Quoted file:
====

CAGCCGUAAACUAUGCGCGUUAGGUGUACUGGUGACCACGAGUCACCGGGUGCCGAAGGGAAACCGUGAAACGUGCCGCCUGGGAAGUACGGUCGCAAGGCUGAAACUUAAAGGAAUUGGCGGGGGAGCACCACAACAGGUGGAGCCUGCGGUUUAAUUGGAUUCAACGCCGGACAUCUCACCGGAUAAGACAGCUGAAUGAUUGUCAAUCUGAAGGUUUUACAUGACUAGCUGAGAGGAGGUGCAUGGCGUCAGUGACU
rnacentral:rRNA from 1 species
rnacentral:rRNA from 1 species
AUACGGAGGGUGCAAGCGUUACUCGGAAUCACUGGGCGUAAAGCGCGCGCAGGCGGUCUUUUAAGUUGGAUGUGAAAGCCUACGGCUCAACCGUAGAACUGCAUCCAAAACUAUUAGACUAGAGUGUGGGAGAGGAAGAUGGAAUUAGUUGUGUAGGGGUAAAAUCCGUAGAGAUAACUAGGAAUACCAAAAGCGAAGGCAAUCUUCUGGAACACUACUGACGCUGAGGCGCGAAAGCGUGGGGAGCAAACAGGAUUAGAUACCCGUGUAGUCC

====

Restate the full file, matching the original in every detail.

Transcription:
CAGCCGUAAACUAUGCGCGUUAGGUGUACUGGUGACCACGAGUCACCGGGUGCCGAAGGGAAACCGUGAAACGUGCCGCCUGGGAAGUACGGUCGCAAGGCUGAAACUUAAAGGAAUUGGCGGGGGAGCACCACAACAGGUGGAGCCUGCGGUUUAAUUGGAUUCAACGCCGGACAUCUCACCGGAUAAGACAGCUGAAUGAUUGUCAAUCUGAAGGUUUUACAUGACUAGCUGAGAGGAGGUGCAUGGCGUCAGUGACU
rnacentral:rRNA from 1 species
rnacentral:rRNA from 1 species
AUACGGAGGGUGCAAGCGUUACUCGGAAUCACUGGGCGUAAAGCGCGCGCAGGCGGUCUUUUAAGUUGGAUGUGAAAGCCUACGGCUCAACCGUAGAACUGCAUCCAAAACUAUUAGACUAGAGUGUGGGAGAGGAAGAUGGAAUUAGUUGUGUAGGGGUAAAAUCCGUAGAGAUAACUAGGAAUACCAAAAGCGAAGGCAAUCUUCUGGAACACUACUGACGCUGAGGCGCGAAAGCGUGGGGAGCAAACAGGAUUAGAUACCCGUGUAGUCC